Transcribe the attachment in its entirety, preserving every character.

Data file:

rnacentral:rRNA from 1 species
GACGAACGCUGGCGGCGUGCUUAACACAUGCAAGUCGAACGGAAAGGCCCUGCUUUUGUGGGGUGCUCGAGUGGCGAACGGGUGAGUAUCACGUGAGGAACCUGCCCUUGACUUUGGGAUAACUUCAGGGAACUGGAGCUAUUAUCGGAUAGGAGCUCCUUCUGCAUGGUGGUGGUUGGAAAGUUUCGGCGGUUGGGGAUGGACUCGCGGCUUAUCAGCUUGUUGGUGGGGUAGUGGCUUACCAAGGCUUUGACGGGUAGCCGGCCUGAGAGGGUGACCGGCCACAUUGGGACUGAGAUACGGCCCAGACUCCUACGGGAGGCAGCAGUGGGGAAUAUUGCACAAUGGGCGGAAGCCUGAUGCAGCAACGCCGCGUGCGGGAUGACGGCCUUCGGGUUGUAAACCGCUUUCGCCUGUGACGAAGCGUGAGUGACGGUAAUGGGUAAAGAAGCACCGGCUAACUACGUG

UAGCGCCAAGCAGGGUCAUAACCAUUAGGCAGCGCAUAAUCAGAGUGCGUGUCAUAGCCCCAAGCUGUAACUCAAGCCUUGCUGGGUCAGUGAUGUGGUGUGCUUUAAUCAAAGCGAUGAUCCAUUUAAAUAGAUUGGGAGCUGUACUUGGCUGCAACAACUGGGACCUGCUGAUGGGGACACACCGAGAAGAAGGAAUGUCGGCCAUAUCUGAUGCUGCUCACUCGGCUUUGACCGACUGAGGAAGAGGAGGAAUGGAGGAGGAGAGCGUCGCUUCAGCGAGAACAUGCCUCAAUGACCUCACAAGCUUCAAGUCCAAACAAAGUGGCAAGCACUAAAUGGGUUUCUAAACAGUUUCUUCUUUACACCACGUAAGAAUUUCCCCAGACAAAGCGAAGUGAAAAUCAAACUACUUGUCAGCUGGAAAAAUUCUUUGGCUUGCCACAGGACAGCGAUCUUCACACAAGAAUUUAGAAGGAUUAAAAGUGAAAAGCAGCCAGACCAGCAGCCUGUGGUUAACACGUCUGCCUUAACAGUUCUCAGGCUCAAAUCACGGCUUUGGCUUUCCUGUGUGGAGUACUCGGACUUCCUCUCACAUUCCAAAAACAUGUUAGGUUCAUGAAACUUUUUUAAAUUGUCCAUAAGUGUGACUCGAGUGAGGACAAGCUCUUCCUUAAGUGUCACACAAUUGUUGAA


rnacentral:rRNA from 1 species
GACGAACGCUGGCGGCGUGCUUAACACAUGCAAGUCGAACGGAAAGGCCCUGCUUUUGUGGGGUGCUCGAGUGGCGAACGGGUGAGUAUCACGUGAGGAACCUGCCCUUGACUUUGGGAUAACUUCAGGGAACUGGAGCUAUUAUCGGAUAGGAGCUCCUUCUGCAUGGUGGUGGUUGGAAAGUUUCGGCGGUUGGGGAUGGACUCGCGGCUUAUCAGCUUGUUGGUGGGGUAGUGGCUUACCAAGGCUUUGACGGGUAGCCGGCCUGAGAGGGUGACCGGCCACAUUGGGACUGAGAUACGGCCCAGACUCCUACGGGAGGCAGCAGUGGGGAAUAUUGCACAAUGGGCGGAAGCCUGAUGCAGCAACGCCGCGUGCGGGAUGACGGCCUUCGGGUUGUAAACCGCUUUCGCCUGUGACGAAGCGUGAGUGACGGUAAUGGGUAAAGAAGCACCGGCUAACUACGUG

UAGCGCCAAGCAGGGUCAUAACCAUUAGGCAGCGCAUAAUCAGAGUGCGUGUCAUAGCCCCAAGCUGUAACUCAAGCCUUGCUGGGUCAGUGAUGUGGUGUGCUUUAAUCAAAGCGAUGAUCCAUUUAAAUAGAUUGGGAGCUGUACUUGGCUGCAACAACUGGGACCUGCUGAUGGGGACACACCGAGAAGAAGGAAUGUCGGCCAUAUCUGAUGCUGCUCACUCGGCUUUGACCGACUGAGGAAGAGGAGGAAUGGAGGAGGAGAGCGUCGCUUCAGCGAGAACAUGCCUCAAUGACCUCACAAGCUUCAAGUCCAAACAAAGUGGCAAGCACUAAAUGGGUUUCUAAACAGUUUCUUCUUUACACCACGUAAGAAUUUCCCCAGACAAAGCGAAGUGAAAAUCAAACUACUUGUCAGCUGGAAAAAUUCUUUGGCUUGCCACAGGACAGCGAUCUUCACACAAGAAUUUAGAAGGAUUAAAAGUGAAAAGCAGCCAGACCAGCAGCCUGUGGUUAACACGUCUGCCUUAACAGUUCUCAGGCUCAAAUCACGGCUUUGGCUUUCCUGUGUGGAGUACUCGGACUUCCUCUCACAUUCCAAAAACAUGUUAGGUUCAUGAAACUUUUUUAAAUUGUCCAUAAGUGUGACUCGAGUGAGGACAAGCUCUUCCUUAAGUGUCACACAAUUGUUGAA